I dont think ht the BAE materials are any different.

Just a clarification, I didn't say that the EJ200 were bad at low altitude, just that it was better at hig altitudes and speed. That was not theory, but the raw figures that I saw. I was not trying to make the case for the F414 in the Gripen, just saying some of the reasons why. It could have ended up the other way, and that would have been fine too, I guess.


Best regards
*Edited for spelling ( tvanty jears ago aj vasent an enjuneer no i can olmost smell toe it)
Last edited by linkomart on 27 Nov 2019, 21:28, edited 1 time in total.
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madrat

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Unread post27 Nov 2019, 15:23

I can't disagree on anything you said. You have way more experience in this topic.

I just was pointing out that F414 would have been a great engine for Typhoon that is dual-role for the same reason Gripen went F414. I don't think Gripen with EJ200 would be quite as good as with F4x4-family engines. Gripen focuses on field maintenance and performing more than one role. It does seem, like Corsair1963 suggested, that EJ200 has changed much, whereas F4x4-family keeps improving.
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magitsu

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Unread post28 Nov 2019, 04:20

Typhoon's AESA saga is amazing. Only Kuwait has bought them, with deliveries starting in late 2020.
That's not a lot of time to get experience from it until Finland would need to decide. Qatar's radar pick is unknown.

The partners seem to be looking at different revisions of Captor-E. Kuwait apparently got Mk0. Spain and Germany are adopting Mk1, Belgium was offered Mk2.

https://www.ainonline.com/aviation-news ... evelopment
Last edited by magitsu on 28 Nov 2019, 10:18, edited 2 times in total.
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hornetfinn

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Unread post28 Nov 2019, 10:06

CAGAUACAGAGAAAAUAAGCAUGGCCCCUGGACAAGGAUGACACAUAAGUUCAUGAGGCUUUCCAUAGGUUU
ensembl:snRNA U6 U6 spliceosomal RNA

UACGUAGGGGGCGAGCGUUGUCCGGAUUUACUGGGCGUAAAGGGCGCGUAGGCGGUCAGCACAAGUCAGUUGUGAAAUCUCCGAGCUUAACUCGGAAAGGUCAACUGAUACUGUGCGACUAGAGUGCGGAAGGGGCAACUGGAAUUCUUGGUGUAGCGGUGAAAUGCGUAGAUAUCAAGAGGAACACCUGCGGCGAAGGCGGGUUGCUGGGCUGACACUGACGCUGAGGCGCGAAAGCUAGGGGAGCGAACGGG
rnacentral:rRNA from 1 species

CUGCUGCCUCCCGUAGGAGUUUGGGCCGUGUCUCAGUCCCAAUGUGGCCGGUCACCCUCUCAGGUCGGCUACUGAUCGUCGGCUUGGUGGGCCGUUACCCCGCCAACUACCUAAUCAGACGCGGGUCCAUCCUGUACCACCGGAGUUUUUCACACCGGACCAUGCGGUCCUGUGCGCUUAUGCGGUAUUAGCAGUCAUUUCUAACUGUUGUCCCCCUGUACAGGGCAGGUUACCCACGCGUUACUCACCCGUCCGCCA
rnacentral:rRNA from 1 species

madrat wrote:I can't disagree on anything you said. You have way more experience in this topic.

I just was pointing out that F414 would have been a great engine for Typhoon that is dual-role for the same reason Gripen went F414. I don't think Gripen with EJ200 would be quite as good as with F4x4-family engines. Gripen focuses on field maintenance and performing more than one role. It does seem, like Corsair1963 suggested, that EJ200 has changed much, whereas F4x4-family keeps improving.


I agree that for Gripen the F414 makes much more sense for multiple reasons. EJ200 would've been a bit too small for it. For EF Typhoon, I think EJ200 made sense although F414 would likely have worked just as well. Just bit different optimization so performance at different altitudes and speeds would likely have changed a little.

EJ200 is being developed like F414 with improved thrust, durability and service life. It remains to be seen if those upgrades are going to enter service but some work is being done.
https://www.defenseworld.net/news/24997 ... r_Aircraft

Does anybody know what's the status of F414 Enhanced Engine?
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mixelflick

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Unread post28 Nov 2019, 16:08

Interesting...

I was under the impression Typhoon's engines were crazy powerful, while the F-414 was more of an up-rated F-404. If memory serves, the EAP prototype flew at Paris airshow in 1987 with F-404's as an interim engine?

In any case, Typhoon's engines are a strong point. You never hear about it lacking power, maintenance issues etc.. As for Gripen, it's so small I wouldn't think there would be many engine options (that would fit).
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pron

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Unread post28 Nov 2019, 17:09

hornetfinn wrote:Does anybody know what's the status of F414 Enhanced Engine?


I have looked for information on this for some time, and did find this.

It actually looks like they are coming to F/A-18 Super Hornet and EA-18G.